The official user's manual for sunshine

Cooling Off: Sneaking in to swim in the Jazz-Age glory of the Hotel Intercontinental pool

Swimming & Beaches No Comments »

By Margaret Wappler

In order to slink into the waters of the opulent Hotel Intercontinental pool, I needed stealth, charisma and slap-it-together brains. I was game for the challenge. If you’ve seen a picture, or have been lucky enough to dip your toe into the water of the Junior Olympic-sized pool tucked away in the towering Hotel Intercontinental, you can see why.

This is not a pool enclosed by grubby concrete and piss-warm from a thousand neighborhood kids. It’s an encapsulated lake, surrounded by Moorish decadence—Spanish tiles, marble pillars, cast-iron chandeliers. Formerly part of the old Medinah Athletic Club, the splendid architecture calls into mind a castle in the Moors, retooled with
Jazz-Age snazz. Read the rest of this entry »

Spoil the Rod: Reeling in the city’s best offerings for fishermen

Fishing, Swimming & Beaches, User's Guide to Summer No Comments »

By Ellen Fox

You don’t have to leave town anymore to spend a day waterside with the rod and reel. Yes, you can go fishing right here in Chicago—on the Lake as well as on the much-maligned Chicago River—and this summer the folks at the Chicago Park District are seeing to it that you’re encouraged to catch some.

“Clean-up efforts have revitalized the water and revitalized the fish, ” says Park District special project manager Bob Long (“the fishing guy”), and over the last few years, word of better fishing has really gotten around, says Henry Palmisano of Brideport’s stalwart Henry’s Sports & Bait Shop. Should you need any more proof of the renaissance, the prestigious Bassmaster Classic will be held along the Lakeshore—its first time in Chicago ever—this July. Read the rest of this entry »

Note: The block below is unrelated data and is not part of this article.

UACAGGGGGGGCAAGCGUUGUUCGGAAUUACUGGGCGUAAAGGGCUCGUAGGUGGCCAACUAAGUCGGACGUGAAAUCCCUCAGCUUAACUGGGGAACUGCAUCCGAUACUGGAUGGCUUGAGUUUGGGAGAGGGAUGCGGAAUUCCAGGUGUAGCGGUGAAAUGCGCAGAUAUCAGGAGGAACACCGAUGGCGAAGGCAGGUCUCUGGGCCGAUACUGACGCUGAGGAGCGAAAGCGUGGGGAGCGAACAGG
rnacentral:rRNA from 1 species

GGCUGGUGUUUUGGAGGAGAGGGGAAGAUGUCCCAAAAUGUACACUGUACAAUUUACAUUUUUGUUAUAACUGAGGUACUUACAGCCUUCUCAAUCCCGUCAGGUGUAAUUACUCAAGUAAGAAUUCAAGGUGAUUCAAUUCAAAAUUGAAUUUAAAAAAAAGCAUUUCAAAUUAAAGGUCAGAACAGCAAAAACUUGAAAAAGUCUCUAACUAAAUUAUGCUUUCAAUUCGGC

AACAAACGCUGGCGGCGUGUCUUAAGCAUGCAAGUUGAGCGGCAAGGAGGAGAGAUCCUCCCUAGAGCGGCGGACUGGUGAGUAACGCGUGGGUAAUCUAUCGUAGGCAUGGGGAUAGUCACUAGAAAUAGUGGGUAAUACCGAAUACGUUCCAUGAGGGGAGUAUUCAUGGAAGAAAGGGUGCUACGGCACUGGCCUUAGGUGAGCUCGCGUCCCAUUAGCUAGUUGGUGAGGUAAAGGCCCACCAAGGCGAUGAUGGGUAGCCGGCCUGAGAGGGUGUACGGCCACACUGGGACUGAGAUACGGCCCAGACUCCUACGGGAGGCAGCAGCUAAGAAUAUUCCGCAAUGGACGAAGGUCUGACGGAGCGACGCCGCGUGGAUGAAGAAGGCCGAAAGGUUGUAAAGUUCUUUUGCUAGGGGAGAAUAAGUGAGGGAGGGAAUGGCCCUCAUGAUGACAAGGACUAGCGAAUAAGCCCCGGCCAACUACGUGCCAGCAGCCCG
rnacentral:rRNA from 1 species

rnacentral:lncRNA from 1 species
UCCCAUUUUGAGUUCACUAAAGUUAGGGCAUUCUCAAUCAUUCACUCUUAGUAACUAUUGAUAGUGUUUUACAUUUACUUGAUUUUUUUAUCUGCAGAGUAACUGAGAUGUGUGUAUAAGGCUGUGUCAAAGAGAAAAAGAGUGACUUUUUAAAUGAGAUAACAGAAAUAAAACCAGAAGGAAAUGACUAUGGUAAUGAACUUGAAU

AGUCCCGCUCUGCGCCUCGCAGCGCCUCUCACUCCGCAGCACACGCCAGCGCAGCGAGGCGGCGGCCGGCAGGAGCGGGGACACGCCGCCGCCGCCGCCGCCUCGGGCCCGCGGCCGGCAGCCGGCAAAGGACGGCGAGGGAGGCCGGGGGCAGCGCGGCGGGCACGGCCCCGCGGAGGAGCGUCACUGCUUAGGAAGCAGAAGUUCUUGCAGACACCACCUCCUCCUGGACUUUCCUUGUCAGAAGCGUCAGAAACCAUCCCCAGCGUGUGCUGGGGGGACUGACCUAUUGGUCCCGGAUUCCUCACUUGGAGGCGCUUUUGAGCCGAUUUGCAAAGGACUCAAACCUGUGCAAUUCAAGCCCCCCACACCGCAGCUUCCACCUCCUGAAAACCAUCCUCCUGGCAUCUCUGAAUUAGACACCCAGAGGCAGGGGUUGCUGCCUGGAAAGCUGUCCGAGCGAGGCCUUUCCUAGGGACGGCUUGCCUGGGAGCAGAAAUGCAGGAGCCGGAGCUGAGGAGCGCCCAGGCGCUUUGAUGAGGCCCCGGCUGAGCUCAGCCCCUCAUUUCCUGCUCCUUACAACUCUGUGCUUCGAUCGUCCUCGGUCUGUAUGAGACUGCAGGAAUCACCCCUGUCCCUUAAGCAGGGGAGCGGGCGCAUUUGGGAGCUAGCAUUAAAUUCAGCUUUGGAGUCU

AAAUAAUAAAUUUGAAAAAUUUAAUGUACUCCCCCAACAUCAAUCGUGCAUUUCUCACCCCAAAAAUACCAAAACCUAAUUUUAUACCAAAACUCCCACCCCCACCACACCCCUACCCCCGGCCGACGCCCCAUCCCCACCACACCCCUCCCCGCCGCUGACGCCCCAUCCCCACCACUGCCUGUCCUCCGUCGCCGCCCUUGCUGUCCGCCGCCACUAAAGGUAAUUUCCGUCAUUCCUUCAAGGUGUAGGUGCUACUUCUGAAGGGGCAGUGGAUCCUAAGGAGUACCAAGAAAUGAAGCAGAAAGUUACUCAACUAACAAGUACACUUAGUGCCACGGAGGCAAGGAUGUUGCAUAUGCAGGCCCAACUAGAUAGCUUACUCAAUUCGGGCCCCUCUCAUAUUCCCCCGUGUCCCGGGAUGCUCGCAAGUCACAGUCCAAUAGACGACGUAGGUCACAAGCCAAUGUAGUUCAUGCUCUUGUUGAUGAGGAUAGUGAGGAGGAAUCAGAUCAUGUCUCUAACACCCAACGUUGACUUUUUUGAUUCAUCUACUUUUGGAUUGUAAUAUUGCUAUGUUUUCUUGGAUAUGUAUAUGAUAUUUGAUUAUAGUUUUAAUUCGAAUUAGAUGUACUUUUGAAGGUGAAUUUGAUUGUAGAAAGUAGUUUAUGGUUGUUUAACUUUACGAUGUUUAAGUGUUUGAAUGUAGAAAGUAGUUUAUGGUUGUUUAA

Nature calls: Close camping

Living Arrangements, Parks & the Great Outdoors, Swimming & Beaches, User's Guide to Summer No Comments »

The only real cure for the city is to get out of the city. Luckily for Chicagoans, there are literally thousands of camping opportunities, many of them 100 miles or less from that little patch of green in your front yard you call nature. Within the tri-state area (Illinois, Wisconsin, Michigan)a number of parks and preserves offer everything from hang gliding to hiking that will take you far enough to forget the office, but close enough to still be in cellular range. The following is a mere sampling of what is available to the weekend camper. Read the rest of this entry »

Sun Worship: Beach-blanket bingo

Swimming & Beaches, User's Guide to Summer No Comments »

With more than 4,500 miles of coastline, the Great Lakes region offers the beach-bound a diverse selection for building sand castles. While a car ride of less than two hours will take you to several fantastic natural beaches carved out around Lake Michigan’s historic sand dunes, a walk or a bus is all it takes to reach Chicago’s rather extraordinary string of 28 lakefront public beaches. Chicago’s beaches, like the city itself, offer a lively ethnic mix of revelers, as well as a level of upkeep that ranges from excellent to sadly unkempt. Oak Street and North Avenue have fairly established reps, but here’s a sampler of some spots you might not have discovered, organized from south to north. Unless noted, beaches are guarded from 9:00am to 9:30pm daily from June to Labor Day, and have both changing facilities and concession stands. Read the rest of this entry »

People’s Park: If Grant Park is Chicago’s front yard, then neighborhood parks are its familiar and intimate backyards

Parks & the Great Outdoors, Swimming & Beaches No Comments »

By Dale Eastman

Javier Torres knew the sounds and smells of Harrison Park even before he’d arrived in Pilsen, on the city’s Southwest Side, just a month ago. Torres’ father was for years part of the regular summer migration of temporary workers between Mexico and Chicago. Since money was always tight, tales of summer ballgames and sweet mangos bought from street vendors were often the only offerings he’d bring home to his son.

Factory work was what brought Torres’ father to Chicago, and Torres, an engineering instructor in Coahuila, Mexico, who’s now on summer sabbatical, tried it for a while, too. But working six days a week, 10-12 hours a day, for only $4.25 an hour didn’t suit him as well as it had his father 30 years before, and the tall and wiry Torres often found his thoughts wandering back to the park. Read the rest of this entry »